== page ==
Educating one's self is great, but after having gone through the effort of doing so, why would you stop just short of using that information to support your accusation? Mark Twain said, "The man who doesn't read good books has no advantage over the man who can't read them." The corrolary to this is that man who researches a blog post, but doesn't include any results of that research in their attack of the post is indistinguishable from the man who did no research.

    In this matter I was able to eventually find a copy of the report and a host of related papers.

    Exactly. A "host" of related papers. You seem to be saying that since you linked to site that had so much information, your point would be made for you. But in fact, the reaction would far more likely have been something like "Why is this guy linking to all of this material when he could have simply told us what what he thought was relevant?" It's like answering a kid's questions "Why is the sky blue?" by pointing to an encylopedia and saying "There's your answer."

    Upon reading the report I almost immediately noted that it was not a government document, but rather one prepared by a non-government panel. It disclaimed that its contents reflected the views of the government. It claimed copyright in the name of Cutler & Company Ltd., a company in which the individual presenting the report, Mr. Terry Cutler, is likely a principal (on this point I may be wrong in that I could not find a website for that company). Two Ministers of the Australian government issued press releases noting they had received the report and that a formal government response, something certainly important to ascertain if changes to law are needed, will issue in due course. I did not note any other Australian government officials also issuing press releases and expressing any views concerning the report.

    Was that so hard? Hopefully next time you make an accusation, you'll include information like this that goes to support your argument instead of leaving it to the reader to search through a host of documents in order to try and guess the reasoning for your argument.

     

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  16.  
    identicon
    Anonymous Coward, Sep 27th, 2008 @ 2:48pm

    Re: Re: Re: Re: Re: Re: Re: Re: Re: Re:

    Just a final note. My original comment was directed to the techdirt author of the article. Based on its contents it seemed to me that the author had not read the actual report, so what he was suggesting the report was about was unsubstantiated hearsay.

     

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  17.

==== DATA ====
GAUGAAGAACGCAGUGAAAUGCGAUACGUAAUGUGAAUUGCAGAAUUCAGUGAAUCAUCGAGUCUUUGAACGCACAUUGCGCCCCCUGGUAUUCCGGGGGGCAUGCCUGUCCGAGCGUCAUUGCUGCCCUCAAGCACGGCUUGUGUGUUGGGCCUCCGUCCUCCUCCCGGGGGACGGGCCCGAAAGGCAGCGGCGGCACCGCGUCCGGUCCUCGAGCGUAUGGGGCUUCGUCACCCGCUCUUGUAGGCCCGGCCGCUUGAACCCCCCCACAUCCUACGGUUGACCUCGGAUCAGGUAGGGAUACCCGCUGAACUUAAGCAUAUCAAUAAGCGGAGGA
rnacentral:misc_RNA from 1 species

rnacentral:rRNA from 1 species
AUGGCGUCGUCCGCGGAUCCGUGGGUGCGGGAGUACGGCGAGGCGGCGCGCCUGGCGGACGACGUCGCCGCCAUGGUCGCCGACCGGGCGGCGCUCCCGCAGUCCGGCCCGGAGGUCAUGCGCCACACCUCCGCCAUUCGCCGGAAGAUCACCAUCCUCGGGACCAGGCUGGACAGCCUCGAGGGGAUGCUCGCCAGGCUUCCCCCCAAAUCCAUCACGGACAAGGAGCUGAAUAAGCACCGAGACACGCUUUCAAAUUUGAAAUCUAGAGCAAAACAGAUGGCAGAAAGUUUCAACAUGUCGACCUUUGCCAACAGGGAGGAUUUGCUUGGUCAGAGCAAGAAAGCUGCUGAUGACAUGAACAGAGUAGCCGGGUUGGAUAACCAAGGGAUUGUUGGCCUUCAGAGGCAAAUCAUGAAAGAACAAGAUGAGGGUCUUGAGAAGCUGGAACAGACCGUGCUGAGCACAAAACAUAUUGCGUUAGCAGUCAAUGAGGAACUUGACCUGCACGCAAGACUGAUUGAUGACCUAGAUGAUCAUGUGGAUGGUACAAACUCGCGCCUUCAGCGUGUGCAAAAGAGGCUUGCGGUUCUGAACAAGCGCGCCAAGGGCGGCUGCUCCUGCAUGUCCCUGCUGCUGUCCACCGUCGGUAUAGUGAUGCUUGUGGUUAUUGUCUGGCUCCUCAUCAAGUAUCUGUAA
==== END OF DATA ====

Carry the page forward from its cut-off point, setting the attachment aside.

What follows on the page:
identicon
    Anonymous Coward, Sep 27th, 2008 @ 6:36pm

    Re: funny Aussies

    I remember reading a few years ago, a lawyer in Australia got a patent on the wheel, just to prove how FUBAR the system actually is.

    As happens on the Internet, the story gets modified in the telling. What the person got is called an Innovation Patent. It's essentially a cheaper form patent which doesn't go through the normal examination process. The catch is that it's not legally enforcable until it is a examined, which costs more money.

    Unfortunately, patents are a reality for small businesses. Given that you're typically not sued until you have deep pockets (you can always tell when a company is bought by Google, because they're usually sued straight away), this is a cost-effective stopgap measure until such time as patents are reformed to be sane.

     

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  18.  
    identicon
    Anonymous Coward, Sep 28th, 2008 @ 12:57pm

    Re: Re: funny Aussies

    Here is a summary of this "patent":

    http://www.ipmenu.com/archive/AUI_2001100012.pdf

    I put "patent" in quotes because it is abundantly clear that what Australia defines as an "innovation patent" bears virtually no relationship to any instrument enforceable at law.

     

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  19.  
    identicon
    brook, Nov 13th, 2008 @ 11:25am

    Australia is named for law and order. they follow rules and regulations very strictly. they are very popular in new innovations.

    ===========

    Brook

    dating

     

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  20.  
    identicon
    Elly Benseman, May 13th, 2009 @ 2:25am

    patents and copyrights

    I am one person who is dead against patents and copy rights.

    my quote is:

    'If innovation is stifled by greed (patents & copyrights) where does that leave our future genuises.

    artistic ability that has just been squashed by Australian copyright laws.

     

    reply to this | link to this | view in thread ]

  21.  
    identicon
    Elly Benseman, May 13th, 2009 @ 2:27am

    patents and copyrights

    I am one person who is dead against patents and copy rights.

    my quote is:

    'If innovation is stifled by greed (patents & copyrights) where does that leave our future genuises.

    artistic ability that has just been squashed by Australian copyright laws.

     

    reply to this | link to this | view in thread ]